Have you been wondering just how to register a SeaDoo in Alberta (or a personal watercraft anywhere else in Canada?) Does it feel like there are some rules to Canadian vessel documentation that seem odd or even downright confusing? Before you go out on the water, you make sure that everything is taken care of with your vessel. That means you have the personal flotation devices, float plan, a way to contact someone on land, and so much more. Your vessel documentation is also something that you want to take care of being you shove off from shore, too. We serve as a resource for Canadian vessel owners of all types.
How to Register a SeaDoo in Alberta (or Personal Watercraft Anywhere in Canada)
The truth is that, for most people, the goal isn’t to “register” your SeaDoo. Rather, it’s to get a pleasure craft license for your SeaDoo. To do that, all you have to do is go to our site, fill out the Pleasure Craft License application, and you’ll be good to go. If there are any typos or errors, our professionals will find them and fix them. You have time to do this after you purchase your SeaDoo, but not much time – 90 days. The good news is that your Pleasure Craft License will last for the next decade.
Wait, Don’t I Have to Register My SeaDoo?
For the most part, the powers that be only want you to register your vessel if you’re going to get a maritime mortgage that will be registered with Transport Canada, if you want a unique register name for the vessel, if you’re going to travel abroad with it (while being recognized internationally as a registered vessel) or if you’re going to use it as a commercial vehicle. Now, as personal watercraft are, frankly, not all that large, a majority of SeaDoo owners aren’t going to use their vessels in that fashion. However, if you choose to do so, we have all of the registration forms you’ll need.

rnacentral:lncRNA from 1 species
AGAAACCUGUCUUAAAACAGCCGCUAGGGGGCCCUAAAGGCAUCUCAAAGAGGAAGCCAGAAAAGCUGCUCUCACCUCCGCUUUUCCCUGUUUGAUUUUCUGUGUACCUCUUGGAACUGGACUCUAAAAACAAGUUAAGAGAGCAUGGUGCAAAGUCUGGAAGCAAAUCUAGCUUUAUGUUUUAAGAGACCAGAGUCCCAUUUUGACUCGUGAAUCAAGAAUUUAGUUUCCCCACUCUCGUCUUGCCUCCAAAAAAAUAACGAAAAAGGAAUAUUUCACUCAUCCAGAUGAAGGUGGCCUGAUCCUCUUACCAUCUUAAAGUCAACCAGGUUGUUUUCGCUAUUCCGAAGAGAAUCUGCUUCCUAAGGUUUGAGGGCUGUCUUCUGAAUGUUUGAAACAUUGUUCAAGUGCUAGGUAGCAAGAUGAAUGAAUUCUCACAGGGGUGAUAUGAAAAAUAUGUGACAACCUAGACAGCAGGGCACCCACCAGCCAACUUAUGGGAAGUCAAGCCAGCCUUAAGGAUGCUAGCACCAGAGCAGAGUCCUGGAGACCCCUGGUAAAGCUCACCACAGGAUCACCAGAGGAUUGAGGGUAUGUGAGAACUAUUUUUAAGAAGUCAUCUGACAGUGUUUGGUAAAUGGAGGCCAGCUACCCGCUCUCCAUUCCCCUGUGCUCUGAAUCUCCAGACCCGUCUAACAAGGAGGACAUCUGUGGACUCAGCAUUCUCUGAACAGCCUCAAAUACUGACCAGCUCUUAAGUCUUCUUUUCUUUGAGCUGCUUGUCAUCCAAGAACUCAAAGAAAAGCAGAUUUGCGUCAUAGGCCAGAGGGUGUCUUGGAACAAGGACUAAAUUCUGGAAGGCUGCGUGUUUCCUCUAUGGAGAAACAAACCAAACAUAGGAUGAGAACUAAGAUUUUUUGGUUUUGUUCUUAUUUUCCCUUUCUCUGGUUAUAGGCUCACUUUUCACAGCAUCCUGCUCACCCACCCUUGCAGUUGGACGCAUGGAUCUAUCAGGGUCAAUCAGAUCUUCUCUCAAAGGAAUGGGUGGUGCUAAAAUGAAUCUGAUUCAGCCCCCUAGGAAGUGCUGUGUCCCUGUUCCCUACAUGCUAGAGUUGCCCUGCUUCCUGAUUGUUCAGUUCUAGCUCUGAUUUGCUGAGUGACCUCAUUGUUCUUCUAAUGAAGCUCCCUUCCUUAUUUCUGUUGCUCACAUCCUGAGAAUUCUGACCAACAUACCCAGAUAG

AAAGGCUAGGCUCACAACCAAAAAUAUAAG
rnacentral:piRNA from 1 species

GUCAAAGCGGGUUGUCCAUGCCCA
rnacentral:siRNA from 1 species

What if I Do Plan on Using My SeaDoo for Commercial Purposes (or if it’s Government-Owned?)
If that’s the case, then the best course of action will probably be to register it in the Small Vessel Register. After all, while much personal watercraft do indeed have powerful engines that far exceed 10 horsepower/7.5 kW, their gross tonnage is far, far less than 15. As you might imagine, we have those forms available at our site as well.
A Resource for Canadian Vessel Owners
You may have read to this point and still been a bit unsure about exactly what the right course of action is for you and your personal watercraft. That’s what our staff is here for you. At the National Vessel Registry Center Corp., we have a trained, experienced staff of professionals who have been helping vessel owners like you with Canadian vessel documentation laws for a very long time. To reach them, call (800) 419-9569.